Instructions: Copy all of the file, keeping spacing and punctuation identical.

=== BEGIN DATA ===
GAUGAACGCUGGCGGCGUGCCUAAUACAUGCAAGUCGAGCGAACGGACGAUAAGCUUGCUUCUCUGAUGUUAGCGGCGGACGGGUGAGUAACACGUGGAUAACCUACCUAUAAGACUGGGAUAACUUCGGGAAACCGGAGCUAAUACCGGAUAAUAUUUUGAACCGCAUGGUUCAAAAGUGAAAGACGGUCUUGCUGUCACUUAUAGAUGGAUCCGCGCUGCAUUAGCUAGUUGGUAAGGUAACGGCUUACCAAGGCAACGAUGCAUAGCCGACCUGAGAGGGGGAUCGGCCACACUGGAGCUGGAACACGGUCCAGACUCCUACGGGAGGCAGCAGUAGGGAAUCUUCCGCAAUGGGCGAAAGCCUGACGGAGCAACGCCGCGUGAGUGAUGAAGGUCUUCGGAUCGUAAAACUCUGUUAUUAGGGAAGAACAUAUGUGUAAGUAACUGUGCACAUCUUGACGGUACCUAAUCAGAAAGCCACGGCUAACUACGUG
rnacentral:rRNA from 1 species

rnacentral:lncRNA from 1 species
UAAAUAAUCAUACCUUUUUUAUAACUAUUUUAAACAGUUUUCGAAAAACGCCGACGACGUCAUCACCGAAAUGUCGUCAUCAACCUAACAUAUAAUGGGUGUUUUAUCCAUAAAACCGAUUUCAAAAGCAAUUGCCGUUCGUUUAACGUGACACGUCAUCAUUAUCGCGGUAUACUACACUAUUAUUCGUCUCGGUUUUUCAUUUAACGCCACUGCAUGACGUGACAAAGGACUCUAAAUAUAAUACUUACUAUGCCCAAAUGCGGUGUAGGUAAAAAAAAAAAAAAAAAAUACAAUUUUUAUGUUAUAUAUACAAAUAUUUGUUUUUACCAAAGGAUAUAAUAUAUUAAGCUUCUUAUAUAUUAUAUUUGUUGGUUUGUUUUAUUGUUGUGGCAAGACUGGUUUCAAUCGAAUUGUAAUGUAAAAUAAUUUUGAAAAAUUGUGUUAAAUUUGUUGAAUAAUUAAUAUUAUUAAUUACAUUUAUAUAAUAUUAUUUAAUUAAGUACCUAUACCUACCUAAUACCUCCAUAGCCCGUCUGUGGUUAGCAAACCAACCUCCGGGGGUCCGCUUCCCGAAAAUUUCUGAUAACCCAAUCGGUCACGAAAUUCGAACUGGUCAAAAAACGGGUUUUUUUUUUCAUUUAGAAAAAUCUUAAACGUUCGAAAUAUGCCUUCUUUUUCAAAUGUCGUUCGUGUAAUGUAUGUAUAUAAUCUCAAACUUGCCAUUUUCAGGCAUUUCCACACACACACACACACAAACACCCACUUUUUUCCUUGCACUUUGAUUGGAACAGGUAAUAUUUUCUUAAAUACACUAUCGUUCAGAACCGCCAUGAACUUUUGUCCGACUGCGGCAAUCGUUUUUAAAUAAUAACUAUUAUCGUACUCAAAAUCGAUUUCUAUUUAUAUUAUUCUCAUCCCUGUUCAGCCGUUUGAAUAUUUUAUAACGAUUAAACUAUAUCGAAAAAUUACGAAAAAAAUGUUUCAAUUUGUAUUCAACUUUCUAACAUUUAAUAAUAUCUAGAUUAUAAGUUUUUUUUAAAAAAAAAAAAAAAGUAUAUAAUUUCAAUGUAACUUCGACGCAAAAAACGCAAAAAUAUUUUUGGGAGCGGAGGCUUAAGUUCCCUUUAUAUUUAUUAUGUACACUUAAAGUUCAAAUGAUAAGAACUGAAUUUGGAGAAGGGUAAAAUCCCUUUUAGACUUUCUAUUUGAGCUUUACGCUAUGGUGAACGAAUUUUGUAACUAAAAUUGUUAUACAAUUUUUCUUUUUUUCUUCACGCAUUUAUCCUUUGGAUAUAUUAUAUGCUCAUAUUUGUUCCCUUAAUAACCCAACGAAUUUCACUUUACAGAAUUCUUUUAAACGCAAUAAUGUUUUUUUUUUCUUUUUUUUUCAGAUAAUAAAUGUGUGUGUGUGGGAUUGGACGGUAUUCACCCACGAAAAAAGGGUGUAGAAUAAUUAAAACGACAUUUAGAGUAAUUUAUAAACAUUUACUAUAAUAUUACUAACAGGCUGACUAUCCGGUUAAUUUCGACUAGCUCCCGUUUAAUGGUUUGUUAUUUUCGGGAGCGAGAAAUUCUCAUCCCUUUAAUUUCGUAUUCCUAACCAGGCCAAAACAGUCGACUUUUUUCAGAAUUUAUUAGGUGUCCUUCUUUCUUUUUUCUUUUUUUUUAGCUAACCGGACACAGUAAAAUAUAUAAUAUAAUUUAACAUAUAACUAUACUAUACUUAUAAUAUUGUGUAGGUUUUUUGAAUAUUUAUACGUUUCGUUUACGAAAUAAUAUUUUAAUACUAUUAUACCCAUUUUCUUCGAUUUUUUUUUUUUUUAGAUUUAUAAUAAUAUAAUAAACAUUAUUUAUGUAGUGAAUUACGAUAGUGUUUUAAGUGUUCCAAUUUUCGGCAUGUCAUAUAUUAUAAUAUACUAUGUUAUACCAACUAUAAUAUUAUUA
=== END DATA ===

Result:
GAUGAACGCUGGCGGCGUGCCUAAUACAUGCAAGUCGAGCGAACGGACGAUAAGCUUGCUUCUCUGAUGUUAGCGGCGGACGGGUGAGUAACACGUGGAUAACCUACCUAUAAGACUGGGAUAACUUCGGGAAACCGGAGCUAAUACCGGAUAAUAUUUUGAACCGCAUGGUUCAAAAGUGAAAGACGGUCUUGCUGUCACUUAUAGAUGGAUCCGCGCUGCAUUAGCUAGUUGGUAAGGUAACGGCUUACCAAGGCAACGAUGCAUAGCCGACCUGAGAGGGGGAUCGGCCACACUGGAGCUGGAACACGGUCCAGACUCCUACGGGAGGCAGCAGUAGGGAAUCUUCCGCAAUGGGCGAAAGCCUGACGGAGCAACGCCGCGUGAGUGAUGAAGGUCUUCGGAUCGUAAAACUCUGUUAUUAGGGAAGAACAUAUGUGUAAGUAACUGUGCACAUCUUGACGGUACCUAAUCAGAAAGCCACGGCUAACUACGUG
rnacentral:rRNA from 1 species

rnacentral:lncRNA from 1 species
UAAAUAAUCAUACCUUUUUUAUAACUAUUUUAAACAGUUUUCGAAAAACGCCGACGACGUCAUCACCGAAAUGUCGUCAUCAACCUAACAUAUAAUGGGUGUUUUAUCCAUAAAACCGAUUUCAAAAGCAAUUGCCGUUCGUUUAACGUGACACGUCAUCAUUAUCGCGGUAUACUACACUAUUAUUCGUCUCGGUUUUUCAUUUAACGCCACUGCAUGACGUGACAAAGGACUCUAAAUAUAAUACUUACUAUGCCCAAAUGCGGUGUAGGUAAAAAAAAAAAAAAAAAAUACAAUUUUUAUGUUAUAUAUACAAAUAUUUGUUUUUACCAAAGGAUAUAAUAUAUUAAGCUUCUUAUAUAUUAUAUUUGUUGGUUUGUUUUAUUGUUGUGGCAAGACUGGUUUCAAUCGAAUUGUAAUGUAAAAUAAUUUUGAAAAAUUGUGUUAAAUUUGUUGAAUAAUUAAUAUUAUUAAUUACAUUUAUAUAAUAUUAUUUAAUUAAGUACCUAUACCUACCUAAUACCUCCAUAGCCCGUCUGUGGUUAGCAAACCAACCUCCGGGGGUCCGCUUCCCGAAAAUUUCUGAUAACCCAAUCGGUCACGAAAUUCGAACUGGUCAAAAAACGGGUUUUUUUUUUCAUUUAGAAAAAUCUUAAACGUUCGAAAUAUGCCUUCUUUUUCAAAUGUCGUUCGUGUAAUGUAUGUAUAUAAUCUCAAACUUGCCAUUUUCAGGCAUUUCCACACACACACACACACAAACACCCACUUUUUUCCUUGCACUUUGAUUGGAACAGGUAAUAUUUUCUUAAAUACACUAUCGUUCAGAACCGCCAUGAACUUUUGUCCGACUGCGGCAAUCGUUUUUAAAUAAUAACUAUUAUCGUACUCAAAAUCGAUUUCUAUUUAUAUUAUUCUCAUCCCUGUUCAGCCGUUUGAAUAUUUUAUAACGAUUAAACUAUAUCGAAAAAUUACGAAAAAAAUGUUUCAAUUUGUAUUCAACUUUCUAACAUUUAAUAAUAUCUAGAUUAUAAGUUUUUUUUAAAAAAAAAAAAAAAGUAUAUAAUUUCAAUGUAACUUCGACGCAAAAAACGCAAAAAUAUUUUUGGGAGCGGAGGCUUAAGUUCCCUUUAUAUUUAUUAUGUACACUUAAAGUUCAAAUGAUAAGAACUGAAUUUGGAGAAGGGUAAAAUCCCUUUUAGACUUUCUAUUUGAGCUUUACGCUAUGGUGAACGAAUUUUGUAACUAAAAUUGUUAUACAAUUUUUCUUUUUUUCUUCACGCAUUUAUCCUUUGGAUAUAUUAUAUGCUCAUAUUUGUUCCCUUAAUAACCCAACGAAUUUCACUUUACAGAAUUCUUUUAAACGCAAUAAUGUUUUUUUUUUCUUUUUUUUUCAGAUAAUAAAUGUGUGUGUGUGGGAUUGGACGGUAUUCACCCACGAAAAAAGGGUGUAGAAUAAUUAAAACGACAUUUAGAGUAAUUUAUAAACAUUUACUAUAAUAUUACUAACAGGCUGACUAUCCGGUUAAUUUCGACUAGCUCCCGUUUAAUGGUUUGUUAUUUUCGGGAGCGAGAAAUUCUCAUCCCUUUAAUUUCGUAUUCCUAACCAGGCCAAAACAGUCGACUUUUUUCAGAAUUUAUUAGGUGUCCUUCUUUCUUUUUUCUUUUUUUUUAGCUAACCGGACACAGUAAAAUAUAUAAUAUAAUUUAACAUAUAACUAUACUAUACUUAUAAUAUUGUGUAGGUUUUUUGAAUAUUUAUACGUUUCGUUUACGAAAUAAUAUUUUAAUACUAUUAUACCCAUUUUCUUCGAUUUUUUUUUUUUUUAGAUUUAUAAUAAUAUAAUAAACAUUAUUUAUGUAGUGAAUUACGAUAGUGUUUUAAGUGUUCCAAUUUUCGGCAUGUCAUAUAUUAUAAUAUACUAUGUUAUACCAACUAUAAUAUUAUUA